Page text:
Chromium, Electron Was Incorrectly classified As Malware By Microsoft.

by | Mar 7, 2024

It appears that Microsoft has resolved a bug that caused its Defender antivirus product to flag apps built using the Chromium browser engine and/or the Electron JavaScript framework as potentially malicious and advise users to uninstall them.

Many reports on forums and social media such as on Twitter over the weekend describe how Windows has started to issue warnings of “Behavior:Win32/Hive.ZY” when users launch common programmes like the Spotify music player or the Chrome browser.

Hive is a horrible provider of ransomware-as-a-service, so it’s fortunate that Windows Defender antivirus can identify and forewarn users about the presence of its harmful wares.

However, neither Chrome nor Spotify contain any virus or ransomware (despite their info-harvesting practices).

Users were somewhat irritated by Windows’ repeated hints to the contrary as a result.

A volunteer expert assisted in diagnosing the problem as a false positive generated by Windows Defender, potentially as a result of recent browser changes complicating things.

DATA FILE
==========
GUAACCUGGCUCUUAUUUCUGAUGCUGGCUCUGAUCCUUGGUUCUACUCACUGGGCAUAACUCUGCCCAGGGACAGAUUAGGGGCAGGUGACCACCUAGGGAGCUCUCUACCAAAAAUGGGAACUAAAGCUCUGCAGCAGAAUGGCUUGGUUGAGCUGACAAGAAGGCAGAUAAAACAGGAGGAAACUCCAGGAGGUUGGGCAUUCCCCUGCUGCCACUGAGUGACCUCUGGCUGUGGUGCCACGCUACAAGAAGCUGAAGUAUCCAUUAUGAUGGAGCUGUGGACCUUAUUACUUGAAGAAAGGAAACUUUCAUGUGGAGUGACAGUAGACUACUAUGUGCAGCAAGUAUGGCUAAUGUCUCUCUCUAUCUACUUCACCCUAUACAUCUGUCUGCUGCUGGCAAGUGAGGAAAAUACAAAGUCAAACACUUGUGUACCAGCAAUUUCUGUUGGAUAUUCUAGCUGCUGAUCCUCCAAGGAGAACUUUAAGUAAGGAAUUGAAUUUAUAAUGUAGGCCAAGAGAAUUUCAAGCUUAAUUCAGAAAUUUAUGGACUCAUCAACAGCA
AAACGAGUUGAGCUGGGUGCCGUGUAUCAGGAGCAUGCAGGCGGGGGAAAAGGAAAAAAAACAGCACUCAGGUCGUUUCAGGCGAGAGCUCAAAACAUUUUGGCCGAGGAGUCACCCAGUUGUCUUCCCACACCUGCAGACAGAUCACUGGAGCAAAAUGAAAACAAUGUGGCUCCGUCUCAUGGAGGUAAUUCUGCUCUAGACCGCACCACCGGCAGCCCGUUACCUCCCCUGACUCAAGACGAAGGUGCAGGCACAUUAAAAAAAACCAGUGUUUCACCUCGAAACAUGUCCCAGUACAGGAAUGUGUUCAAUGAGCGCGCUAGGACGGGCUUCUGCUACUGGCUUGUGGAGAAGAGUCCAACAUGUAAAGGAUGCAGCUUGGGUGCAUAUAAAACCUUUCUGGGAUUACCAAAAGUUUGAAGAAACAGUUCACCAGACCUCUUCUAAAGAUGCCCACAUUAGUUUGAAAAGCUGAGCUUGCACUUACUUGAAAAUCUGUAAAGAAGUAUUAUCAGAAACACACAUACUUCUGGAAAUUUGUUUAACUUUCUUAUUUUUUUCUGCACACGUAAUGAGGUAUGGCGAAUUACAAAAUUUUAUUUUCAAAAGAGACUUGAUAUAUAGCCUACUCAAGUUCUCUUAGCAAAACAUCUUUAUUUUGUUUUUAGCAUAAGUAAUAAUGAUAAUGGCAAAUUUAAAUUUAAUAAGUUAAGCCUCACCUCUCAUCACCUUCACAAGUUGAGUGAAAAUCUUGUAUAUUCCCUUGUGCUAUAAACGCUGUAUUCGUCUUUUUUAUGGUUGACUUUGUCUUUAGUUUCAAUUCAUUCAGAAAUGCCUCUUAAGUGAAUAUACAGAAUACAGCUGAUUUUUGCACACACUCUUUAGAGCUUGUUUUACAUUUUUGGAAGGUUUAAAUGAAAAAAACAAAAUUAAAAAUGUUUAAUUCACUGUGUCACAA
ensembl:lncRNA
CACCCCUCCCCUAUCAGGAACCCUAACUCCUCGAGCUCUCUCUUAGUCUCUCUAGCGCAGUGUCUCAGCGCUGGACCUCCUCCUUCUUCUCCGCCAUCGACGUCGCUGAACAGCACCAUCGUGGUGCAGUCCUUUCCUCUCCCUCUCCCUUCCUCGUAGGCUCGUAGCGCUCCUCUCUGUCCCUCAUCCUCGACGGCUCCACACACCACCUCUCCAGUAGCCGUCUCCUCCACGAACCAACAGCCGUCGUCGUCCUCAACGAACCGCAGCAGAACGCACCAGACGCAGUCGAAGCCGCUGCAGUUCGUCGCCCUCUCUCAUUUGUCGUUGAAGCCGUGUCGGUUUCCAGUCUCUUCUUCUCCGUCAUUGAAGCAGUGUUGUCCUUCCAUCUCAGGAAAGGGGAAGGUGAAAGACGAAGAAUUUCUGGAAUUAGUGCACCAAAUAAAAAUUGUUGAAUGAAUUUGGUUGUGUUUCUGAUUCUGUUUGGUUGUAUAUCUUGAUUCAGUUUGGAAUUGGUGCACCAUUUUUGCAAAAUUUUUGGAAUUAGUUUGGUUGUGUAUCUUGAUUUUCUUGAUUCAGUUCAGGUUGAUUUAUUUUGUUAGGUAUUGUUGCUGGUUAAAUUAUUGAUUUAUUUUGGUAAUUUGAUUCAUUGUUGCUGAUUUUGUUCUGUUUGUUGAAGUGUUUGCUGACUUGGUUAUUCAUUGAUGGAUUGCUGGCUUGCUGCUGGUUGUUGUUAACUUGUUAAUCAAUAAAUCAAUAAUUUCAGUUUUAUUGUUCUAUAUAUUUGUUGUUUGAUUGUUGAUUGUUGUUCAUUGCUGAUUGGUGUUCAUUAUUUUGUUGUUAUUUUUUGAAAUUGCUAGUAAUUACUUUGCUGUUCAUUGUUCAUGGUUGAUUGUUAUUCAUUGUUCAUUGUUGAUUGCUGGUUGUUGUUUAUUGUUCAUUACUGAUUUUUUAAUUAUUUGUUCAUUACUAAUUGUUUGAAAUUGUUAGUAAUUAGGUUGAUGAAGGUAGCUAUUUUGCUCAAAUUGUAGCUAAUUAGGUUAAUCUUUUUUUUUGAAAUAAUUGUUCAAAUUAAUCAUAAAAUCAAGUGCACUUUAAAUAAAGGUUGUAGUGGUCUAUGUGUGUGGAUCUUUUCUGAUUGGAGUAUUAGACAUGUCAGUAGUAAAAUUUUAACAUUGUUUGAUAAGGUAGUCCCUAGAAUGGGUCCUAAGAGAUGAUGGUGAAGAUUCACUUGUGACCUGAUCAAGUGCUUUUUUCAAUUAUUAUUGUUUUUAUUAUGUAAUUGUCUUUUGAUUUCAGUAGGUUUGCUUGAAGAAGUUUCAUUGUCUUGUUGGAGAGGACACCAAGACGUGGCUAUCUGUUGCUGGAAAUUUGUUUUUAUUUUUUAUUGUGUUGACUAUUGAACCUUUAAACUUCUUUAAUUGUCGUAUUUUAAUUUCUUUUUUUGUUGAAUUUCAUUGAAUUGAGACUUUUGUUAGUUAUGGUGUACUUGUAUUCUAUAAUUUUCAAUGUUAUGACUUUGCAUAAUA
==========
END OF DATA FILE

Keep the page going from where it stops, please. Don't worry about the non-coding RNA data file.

A rush of eight updates to Windows Defender with the date September 4th were noted in Microsoft’s changelog for antimalware programs, showing concentrated effort to fix the problem.

According to forum comments, application of version 1.373.1537.0 causes the warnings to go away.

Microsoft headquarters in the USA are likely taking advantage of a long holiday weekend because no comments have been made on the topic on the company’s social media accounts or by its spokespeople as of this writing.

Microsoft has already classified Chrome as malware; the Reg archive lists a related occurrence from 2011! Since then, Chrome has dominated the online browser industry. Additionally, Microsoft frequently releases updates or bug patches that unintentionally disrupt third-party products.